Dog Playing Too Rough

Discussion in 'General Dog Training' started by Lexy88, Jul 12, 2012.

  1. Lexy88 Well-Known Member

    Argh I am so frustrated with Blade at the moment.

    Ok so I got him as a 10mth old and as far as I gathered, his first owner didnt socialise him as he was too big and bulshy for her and she was too scared to take him out because she couldnt control him.

    Now hes not 'attacking' other dogs, but he will chase nervous ones that run. And he plays rough with 'new' dogs that want to play but the longer the game goes on, the rougher it gets. He body slams, squashes dogs, holds them down. He is starting to bite down on scruffs and pull them to the ground and hold them down. Hes also a real bully to younger dogs. Dogs that are confident and not interested at all in him, literally ignoring him, he does nothing to them - he will go up and sniff them, then walk off. He doesnt rush or run up to dogs, he creeps like a cat, lies down, creeps a little further, then when theyre real close, he jumps up and stands over them.

    I can call him away and walk away with him, but it means that he just doesnt get to play with other dogs anymore because he is being a jerk. It is not fair on anyone else at the dog park.

    Is there any way of training them to play nicely, or are we just going to have to stay away from 'new' dogs? (he gets on great with Mums three dogs and my brothers dog). He turns 3 in November.

    Just editing as I had a thought: he doesnt smash other dogs over when he is carrying a tennis ball or stick, he wants them to chase him - he thinks its hilarious that he can outrun everyone. Hmm. Maybe I need to carry a toy with me. I have been reluctant in the past as I feel that bringing 'personal' stuff to a dog park could start fights... Maybe it is worth a try?
    tigerlily46514 likes this.

  2. Adrianna & Calvin Experienced Member

    Hi Lexy

    How do the 'victim' dogs behave after they've been roughhousing? do they continue to solicit play, or do they bark him off or avoid him (go under a bench, etc.)?
    SD&B and tigerlily46514 like this.
  3. Lexy88 Well-Known Member

    Some continue trying to play, and in this case I often just leave them be for 5 or so minutes to have a play then leave before he gets too rough (like scruff grabbing and pulling them down). The ones who are always rolling over, running or trying to hide, I call Blade away and we leave. Or else he will just keep smashing them. Hes also very vocal when 'playing' - very growly.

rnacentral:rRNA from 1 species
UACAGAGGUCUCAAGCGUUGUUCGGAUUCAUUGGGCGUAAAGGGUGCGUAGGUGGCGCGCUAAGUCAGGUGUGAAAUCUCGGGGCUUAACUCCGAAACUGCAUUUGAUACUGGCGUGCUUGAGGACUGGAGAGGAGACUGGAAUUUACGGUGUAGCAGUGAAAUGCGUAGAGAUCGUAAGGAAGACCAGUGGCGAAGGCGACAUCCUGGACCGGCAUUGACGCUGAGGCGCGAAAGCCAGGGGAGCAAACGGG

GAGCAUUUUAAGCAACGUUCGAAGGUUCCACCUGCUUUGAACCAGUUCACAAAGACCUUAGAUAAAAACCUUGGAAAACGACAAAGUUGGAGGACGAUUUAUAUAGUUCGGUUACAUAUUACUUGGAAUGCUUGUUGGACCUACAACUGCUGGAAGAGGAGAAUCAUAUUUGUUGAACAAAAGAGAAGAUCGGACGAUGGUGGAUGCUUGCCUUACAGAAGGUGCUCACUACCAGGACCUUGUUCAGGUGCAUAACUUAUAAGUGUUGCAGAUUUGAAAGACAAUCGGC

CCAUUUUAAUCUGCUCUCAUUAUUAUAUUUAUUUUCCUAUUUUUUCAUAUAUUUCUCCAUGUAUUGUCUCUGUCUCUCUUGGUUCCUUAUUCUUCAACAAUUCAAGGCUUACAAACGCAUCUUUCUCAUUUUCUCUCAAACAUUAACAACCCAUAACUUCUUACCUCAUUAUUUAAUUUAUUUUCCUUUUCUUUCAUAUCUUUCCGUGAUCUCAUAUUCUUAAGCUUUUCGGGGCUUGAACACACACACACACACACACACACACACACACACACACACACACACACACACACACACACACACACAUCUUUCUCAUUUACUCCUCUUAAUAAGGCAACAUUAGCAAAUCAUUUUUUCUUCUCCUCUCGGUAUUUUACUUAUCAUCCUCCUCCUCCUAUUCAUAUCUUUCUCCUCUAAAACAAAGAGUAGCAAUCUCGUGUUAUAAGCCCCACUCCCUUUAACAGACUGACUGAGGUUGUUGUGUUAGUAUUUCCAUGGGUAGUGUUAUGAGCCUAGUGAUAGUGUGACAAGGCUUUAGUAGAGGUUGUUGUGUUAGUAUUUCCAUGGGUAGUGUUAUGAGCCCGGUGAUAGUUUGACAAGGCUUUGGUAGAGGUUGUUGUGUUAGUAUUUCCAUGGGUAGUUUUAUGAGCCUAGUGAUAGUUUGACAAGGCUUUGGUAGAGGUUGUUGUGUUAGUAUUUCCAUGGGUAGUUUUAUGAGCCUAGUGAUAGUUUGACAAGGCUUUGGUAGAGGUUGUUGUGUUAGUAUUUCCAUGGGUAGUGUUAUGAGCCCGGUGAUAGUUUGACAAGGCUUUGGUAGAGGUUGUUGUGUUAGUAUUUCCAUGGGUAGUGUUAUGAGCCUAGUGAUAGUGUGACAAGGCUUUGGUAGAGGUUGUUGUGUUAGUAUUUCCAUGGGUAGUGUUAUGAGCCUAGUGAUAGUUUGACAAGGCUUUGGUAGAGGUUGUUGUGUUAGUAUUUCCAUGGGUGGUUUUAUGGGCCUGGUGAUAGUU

4. Mr-Remington Experienced Member

    I'm having the same problem with my 3 month old puppy, as you Lexy88.
  5. tigerlily46514 Honored Member

    BUMMER TO HEAR your 10 month old dog is having some social problems.
    If you can afford it, get to a positive-only trainer who has actual, real life experience with dogs with behavioral issues. not that we know your dog has an actual issue, but, a trainer with that experience will be more likely to help you.

    Not all trainers know the first thing about helping out a dog who may have some type of issue coming on,
    so DO ASK. The trainer might have a wall of trophies for agility, but, not be able to help *this* situation, this is almost a specialty area. Hopefully, the trainer will be able to provide some playmate dogs, supervise the interactions, and teach you if/when you need to intervene.

    //"I can call him away and walk away with him, "// <---THIS is marvelous,:D
    and until you get some type of evaluation of your dog's behavior, which *might* be perfectly normal, probably just only your dog is needing some practice and socialization,
    i think calling your dog over, having him calm down again, for a few minutes,
    is great first step for now.

    Have your dog just sit, calm down, beside you, til he is calmer.

    I also think,
    with alllllllllll my heart,
    that any dog who might need a lil help on anything,
    that another GRRRRRRRRRRREAT first step,
    is teaching the dog tricks.

    any trick, doesn't matter which one.
    Just pick a trick, and begin teaching your dog a trick.
    for real.
    this helps.
    it is the PROCESS, not the trick itself, which helps.

    this helps your dog develop some focus,
    develop better ability to follow your cues,
    helps your dog develop some self control, and impulse control,